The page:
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An echocardiogram (also called an echo) uses sound waves to make an image of your heart. A device called a transducer sends sound waves that echo off your heart and back to the transducer. These echoes are turned into moving pictures of your heart that can be seen on a video screen.
In a transthoracic echocardiogram (TTE), the transducer is moved across your chest or belly. A TTE is the most common type of echocardiogram.
This test is done to check your heart health. It's used for many reasons. For example, it may be done to:
You don't need to do anything to prepare. It may help to wear comfortable clothing that you can easily take off.
This test usually takes 30 to 60 minutes.
You will not have pain from the echocardiogram. Gel is put on your chest for the ultrasound. It may feel cool. The hand-held ultrasound device is pressed firmly against your chest, but it doesn't cause pain. You will not hear or feel the sound waves.
You may feel uncomfortable from lying still or from the transducer pressing on your chest. If you need to take a break, tell the person doing the test.
Most people do not feel any discomfort from ultrasound tests. But if you have severe difficulty breathing or can't lie flat for a long examination, you may not be able to have an entire echo study. Talk to your doctor or the person performing your echo about any concerns you have.
Results are usually available within one day. If the test is done by a cardiologist, the results may be available immediately after the test.
The heart chambers and walls of the heart are of normal size and thickness, and they move normally.
Heart valves are working normally, with no leaks or narrowing. There is no sign of infection.
The amount of blood pumped from the left ventricle with each heartbeat (ejection fraction) is normal.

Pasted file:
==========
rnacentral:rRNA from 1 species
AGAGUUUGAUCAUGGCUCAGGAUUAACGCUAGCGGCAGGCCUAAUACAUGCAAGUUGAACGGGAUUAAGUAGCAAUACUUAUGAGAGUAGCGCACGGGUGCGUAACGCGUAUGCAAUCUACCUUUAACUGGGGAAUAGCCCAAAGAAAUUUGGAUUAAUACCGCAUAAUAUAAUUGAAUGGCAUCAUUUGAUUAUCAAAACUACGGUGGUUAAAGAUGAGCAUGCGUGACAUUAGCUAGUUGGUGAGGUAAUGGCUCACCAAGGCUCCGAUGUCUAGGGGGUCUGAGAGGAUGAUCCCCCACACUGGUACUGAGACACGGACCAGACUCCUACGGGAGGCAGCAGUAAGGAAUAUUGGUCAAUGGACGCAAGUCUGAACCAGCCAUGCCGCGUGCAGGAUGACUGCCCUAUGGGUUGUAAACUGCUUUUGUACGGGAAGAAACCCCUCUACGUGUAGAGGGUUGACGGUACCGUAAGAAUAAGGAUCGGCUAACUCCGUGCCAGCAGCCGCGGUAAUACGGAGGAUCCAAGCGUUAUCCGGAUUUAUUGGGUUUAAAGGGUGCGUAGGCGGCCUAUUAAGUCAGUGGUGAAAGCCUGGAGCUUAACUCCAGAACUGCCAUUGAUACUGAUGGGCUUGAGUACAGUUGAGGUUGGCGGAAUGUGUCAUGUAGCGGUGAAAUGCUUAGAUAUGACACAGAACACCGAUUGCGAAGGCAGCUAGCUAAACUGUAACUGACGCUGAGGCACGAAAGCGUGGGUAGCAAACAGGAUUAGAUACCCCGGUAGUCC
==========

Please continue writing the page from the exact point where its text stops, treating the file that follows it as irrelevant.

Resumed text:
There is no excess fluid in the sac surrounding the heart, and the lining around the heart is not thickened.
There are no tumours and blood clots in the heart chambers.
Heart chambers are too big. The walls of the heart are thicker or thinner than normal. A thin heart wall may mean poor blood flow to the heart muscle or an old heart attack. A thin, bulging area of the heart wall may indicate a bulge in the ventricle (ventricular aneurysm). The heart muscle walls do not move normally because of a decreased blood supply from narrowed coronary arteries.
One or more heart valves do not open or close properly (are leaking) or do not look normal. Signs of infection are present.
The amount of blood pumped from the left ventricle with each heartbeat (ejection fraction) is lower than normal.
There is fluid around the heart (pericardial effusion). The lining around the heart is too thick.
A tumour or blood clot may be found in the heart.
Current as of: May 5, 2021
Author: Healthwise StaffMedical Review: Adam Husney MD - Family MedicineStephen Fort MD, MRCP, FRCPC - Interventional Cardiology
Current as of: May 5, 2021
Author: Healthwise Staff
Medical Review:Adam Husney MD - Family Medicine & Stephen Fort MD, MRCP, FRCPC - Interventional Cardiology
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